The aim of the focus project is to develop and build a quantum computer, based on superconducting circuits, with much greater computing power than the best supercomputers of today. In order to maintain an extremely high level of expertise throughout this challenging project, the development work will mainly be in the hands of specialist researchers with permanent appointments. Doctoral students and postdocs involved in the excellence initiatives on quantum computers and quantum simulators will contribute by studying specific issues of relevance to the construction of a quantum computer.
The project is located at Chalmers where the right expertise and necessary infrastructure in the form of an advanced clean room and cryotechnology are available. The focus project’s principal investigators have worked on superconducting qubits for many years and have made many contributions to expand knowledge in the field. They were among the first in the world to create a superconducting qubit, and have explored a completely new area of physics through wide-ranging experiments on single qubits. One of the cornerstones of the successes is the unusually strong cooperation between experimentalists and theoreticians.
The first milestone for the quantum computer project is to build two interlinked blocks each containing ten qubits within four years. This will make it possible to demonstrate basic quantum simulations of small systems, such as a small molecule.
The final goal is to develop a 100-qubit quantum computer within ten years (the current world record is 16 qubits). Such a quantum computer should be capable of performing calculations which surpass those of a normal computer. For example, it will be possible to use the quantum computer to improve machine learning and to calculate the characteristics of larger molecules, thus assisting the more efficient design of medicines and materials.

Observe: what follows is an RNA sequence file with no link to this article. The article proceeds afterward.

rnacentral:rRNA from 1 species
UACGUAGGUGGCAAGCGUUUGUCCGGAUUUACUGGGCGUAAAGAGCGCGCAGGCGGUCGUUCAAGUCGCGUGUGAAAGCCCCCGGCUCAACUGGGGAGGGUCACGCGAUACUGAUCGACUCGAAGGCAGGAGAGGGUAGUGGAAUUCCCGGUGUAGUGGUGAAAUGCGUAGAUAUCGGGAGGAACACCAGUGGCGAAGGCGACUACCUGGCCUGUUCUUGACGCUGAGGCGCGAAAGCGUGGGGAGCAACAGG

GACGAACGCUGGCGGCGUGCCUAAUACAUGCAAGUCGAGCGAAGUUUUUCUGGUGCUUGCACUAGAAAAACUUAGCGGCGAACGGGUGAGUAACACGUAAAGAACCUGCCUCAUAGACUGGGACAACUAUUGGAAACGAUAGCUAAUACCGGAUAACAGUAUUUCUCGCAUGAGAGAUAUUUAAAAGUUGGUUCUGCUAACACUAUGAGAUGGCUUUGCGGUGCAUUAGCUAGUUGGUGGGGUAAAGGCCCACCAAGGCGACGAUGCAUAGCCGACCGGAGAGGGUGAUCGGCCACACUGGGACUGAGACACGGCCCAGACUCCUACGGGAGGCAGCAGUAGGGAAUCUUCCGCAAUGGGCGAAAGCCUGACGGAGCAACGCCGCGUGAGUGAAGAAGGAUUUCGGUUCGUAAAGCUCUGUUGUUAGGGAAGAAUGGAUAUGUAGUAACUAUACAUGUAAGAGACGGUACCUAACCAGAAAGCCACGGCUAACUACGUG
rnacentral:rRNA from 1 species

Quantum physics conflicts with ordinary human intuition, and the quantum computer will certainly have many more applications than we can imagine today. Part of the project therefore also involves further research into the best uses of a quantum computer. The various areas of applications will be developed in cooperation with the research programme’s industrial partners.
The experimental parts are headed up by Professor Per Delsing and Associate Professor Jonas Bylander in the Quantum Technology Laboratory, Chalmers. The theoretical work is led by Professor Göran Johansson at the division of Applied Quantum Physics, Chalmers. Professor Göran Wendin, Applied Quantum Physics, Chalmers, is the senior adviser.